British author Maggie O’Farrell has been announced as the winner of this year’s Women’s Prize for Fiction, for her novel Hamnet.
The prize, now in its twenty-fifth year, aims to reward ‘excellence, originality and accessibility in writing by women in English from throughout the world’. It is awarded annually to a woman author of any nationality for the best original full-length novel written in English, and published in the United Kingdom in the preceding year.
The winning author receives £30,000 (about R700,000) and a limited edition bronze figurine called the ‘Bessie’, both anonymously endowed. The winner and the other five shortlisted authors also receive a bespoke leather-bound edition of their novel.
O’Farrell’s Hamnet, set in 1596 and inspired by the life and death of Shakespeare’s only son, was chosen from a heavy-hitting shortlist that included Dominicana by Angie Cruz, Girl, Woman, Other by Bernardine Evaristo, A Thousand Ships by Natalie Haynes, The Mirror and the Light by Hilary Mantel and Weather by Jenny Offill.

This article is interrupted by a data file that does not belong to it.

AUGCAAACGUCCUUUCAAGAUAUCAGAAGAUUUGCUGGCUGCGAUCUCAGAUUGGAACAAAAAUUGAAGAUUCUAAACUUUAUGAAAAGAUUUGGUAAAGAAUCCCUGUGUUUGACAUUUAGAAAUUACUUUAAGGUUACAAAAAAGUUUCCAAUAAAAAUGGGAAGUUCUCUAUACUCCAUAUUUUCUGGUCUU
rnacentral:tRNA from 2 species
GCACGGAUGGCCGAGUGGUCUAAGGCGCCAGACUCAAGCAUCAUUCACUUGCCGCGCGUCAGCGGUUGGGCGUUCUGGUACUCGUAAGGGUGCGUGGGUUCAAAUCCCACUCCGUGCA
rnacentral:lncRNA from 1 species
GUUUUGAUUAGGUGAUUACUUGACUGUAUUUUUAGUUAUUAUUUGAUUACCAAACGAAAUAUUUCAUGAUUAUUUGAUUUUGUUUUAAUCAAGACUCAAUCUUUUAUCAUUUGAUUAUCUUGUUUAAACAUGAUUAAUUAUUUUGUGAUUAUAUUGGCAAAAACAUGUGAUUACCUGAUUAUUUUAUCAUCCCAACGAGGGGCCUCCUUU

The prize was announced via a live digital awards ceremony, owing to the coronavirus pandemic.
2020 Chair of Judges Martha Lane Fox, in London, announced O’Farrell as the winner, while fellow judge Paula Hawkins presented the author with the £30,000 prize and the ‘Bessie’, in her hometown of Edinburgh, Scotland.
Lane Fox said:
‘The euphoria of being in the same room for the final judging meeting was quickly eclipsed by the excitement we all feel about this exceptional winner.
‘Hamnet, while set long ago, like all truly great novels expresses something profound about the human experience that seems both extraordinarily current and at the same time, enduring.’
Joining Martha on the 2020 judging panel were writer and activist Scarlett Curtis, writer and activist, Melanie Eusebe, co-founder of the Black British Business Awards, author and comedian Viv Groskop and Paula Hawkins, international bestselling author.
The inspiration for the Women’s Prize—previously known as the Baileys Women’s Prize for Fiction and then the Orange Prize for Fiction—came about after the 1991 Booker Prize, when none of the six shortlisted books was by a woman, despite roughly sixty per cent of eligible novels published that year being by women authors. Research showed that women’s literary achievements were often not acknowledged by existing major literary prizes.